Patients are being offered personal brain scans to assess cognitive health using magnetoencephalography, which measures electrical signals
“A better understanding of subtle functional changes in the brain, detected only by MEG imaging, will ideally improve how we protect and manage our brain health.” Dr Emer MacSweeney, CEO, Re:Cognition Health and consultant neuroradiologist
Patients at a London clinic are to be offered non-invasive brain scans that can provide a detailed map of brain activity.
The technology, known as magnetoencephalography (MEG), measures electrical signals between neurons in order to create the map. It is being offered by a private clinic called Re:Cognition Health in partnership with MEG supplier MYndspan.
As well as being offered the scan, patients will carry out app-based games to test their cognitive function. Within 24 hours of their appointment, patients will receive a personalised report into their brain health which can help them make data-led decisions about their lifestyles, such as sleep habits, exercise and diet.
Patients with cognitive health conditions, such as autism, Alzheimer’s disease and Parkinson’s will be able to access detailed data about their brain health and whether it is improving in response to treatment.
Dr Emer MacSweeney, CEO of Re:Cognition Health Ltd and consultant neuroradiologist, said: “MYndspan’s data-driven quantification of brain health using MEG technology is ground-breaking. Our brain and mind experts at Re:Cognition Health are confident MYndspan’s data-led insights will not only help to inform the care we provide for our patients, but also empower individuals with their own data.
“A better understanding of subtle functional changes in the brain, detected only by MEG imaging, will ideally improve how we protect and manage our brain health.”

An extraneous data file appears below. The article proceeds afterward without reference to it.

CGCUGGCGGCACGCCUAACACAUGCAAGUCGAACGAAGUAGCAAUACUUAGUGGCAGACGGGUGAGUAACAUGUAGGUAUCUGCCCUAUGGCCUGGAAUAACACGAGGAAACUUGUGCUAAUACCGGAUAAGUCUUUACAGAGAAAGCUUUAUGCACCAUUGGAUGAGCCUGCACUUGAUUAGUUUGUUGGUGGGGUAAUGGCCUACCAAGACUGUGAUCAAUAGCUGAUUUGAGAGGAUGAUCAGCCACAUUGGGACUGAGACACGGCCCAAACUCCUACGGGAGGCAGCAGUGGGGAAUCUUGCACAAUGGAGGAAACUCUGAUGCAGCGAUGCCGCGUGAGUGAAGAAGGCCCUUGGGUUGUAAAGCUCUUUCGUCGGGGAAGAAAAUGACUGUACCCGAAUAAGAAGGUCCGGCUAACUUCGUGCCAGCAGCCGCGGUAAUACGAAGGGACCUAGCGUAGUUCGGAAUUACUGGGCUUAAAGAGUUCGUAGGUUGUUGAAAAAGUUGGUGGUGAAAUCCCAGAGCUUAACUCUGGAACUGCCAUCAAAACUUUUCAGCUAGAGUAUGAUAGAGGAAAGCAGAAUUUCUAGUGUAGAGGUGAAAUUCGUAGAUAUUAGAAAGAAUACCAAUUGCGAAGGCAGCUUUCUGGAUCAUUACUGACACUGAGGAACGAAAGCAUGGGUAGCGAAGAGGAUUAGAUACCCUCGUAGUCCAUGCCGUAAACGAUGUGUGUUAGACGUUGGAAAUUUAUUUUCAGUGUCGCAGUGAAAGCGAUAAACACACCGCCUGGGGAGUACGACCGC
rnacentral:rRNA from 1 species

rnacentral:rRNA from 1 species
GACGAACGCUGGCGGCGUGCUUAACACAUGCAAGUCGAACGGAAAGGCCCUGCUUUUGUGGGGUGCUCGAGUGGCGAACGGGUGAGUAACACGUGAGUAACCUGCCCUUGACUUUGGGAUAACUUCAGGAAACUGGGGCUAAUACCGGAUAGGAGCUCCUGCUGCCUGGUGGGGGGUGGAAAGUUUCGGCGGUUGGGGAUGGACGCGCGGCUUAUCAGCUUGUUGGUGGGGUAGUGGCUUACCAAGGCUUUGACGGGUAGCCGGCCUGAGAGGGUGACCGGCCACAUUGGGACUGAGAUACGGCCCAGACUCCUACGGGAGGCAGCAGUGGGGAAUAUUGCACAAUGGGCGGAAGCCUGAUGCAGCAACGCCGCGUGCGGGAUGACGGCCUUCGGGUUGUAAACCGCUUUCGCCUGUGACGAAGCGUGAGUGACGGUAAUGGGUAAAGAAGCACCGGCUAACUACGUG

Caitlin Baltzer, co-founder and COO of MYndspan, said that the collaboration would “enable an exchange of our services to both our customers, meaning that MYndspan’s customers will also have access to a clinical neurological pathway should they need one.”
MEG – described by MYndspan as a “super sensitive sensor of magnetic fields” – works very differently from MRI scans. MYndspan’s website describes the experience as similar to sitting in an old-fashioned hairdryer. The technology doesn’t require injections and does not expose the patient to radiation.
Patients attending a MYndspan appointment spend 20 minutes answering background questions (such as age and sex) and performing “gamified” tasks that measure cognitive functions such as short-term memory, visuospatial skills and attention. After this, patients spend 10 minutes in which a 3D digital image of their head is taken, and then they are placed in the scanner for another 10 minutes while their brain is scanned.
Magnetoencephalography is also being used in academic environments. At Cardiff University, for example, the technology is used to study human brain activity in patients with illnesses such as as epilepsy, schizophrenia and Alzheimer’s.
MEG is a promising technology that can be used to measure brain activity. Using the activity of a patient’s healthy brain as a baseline, it is possible to identify any deterioration or change over time, enabling clinicians to intervene if necessary to protect brain health and minimise the damage to cognitive function. From a patient’s point of view, it is much less invasive and stressful than, for example, an MRI or an EEG. It is not currently used widely outside private clinics and academia, but in future it would be good to see it adopted in the NHS to help patients experiencing cognitive decline.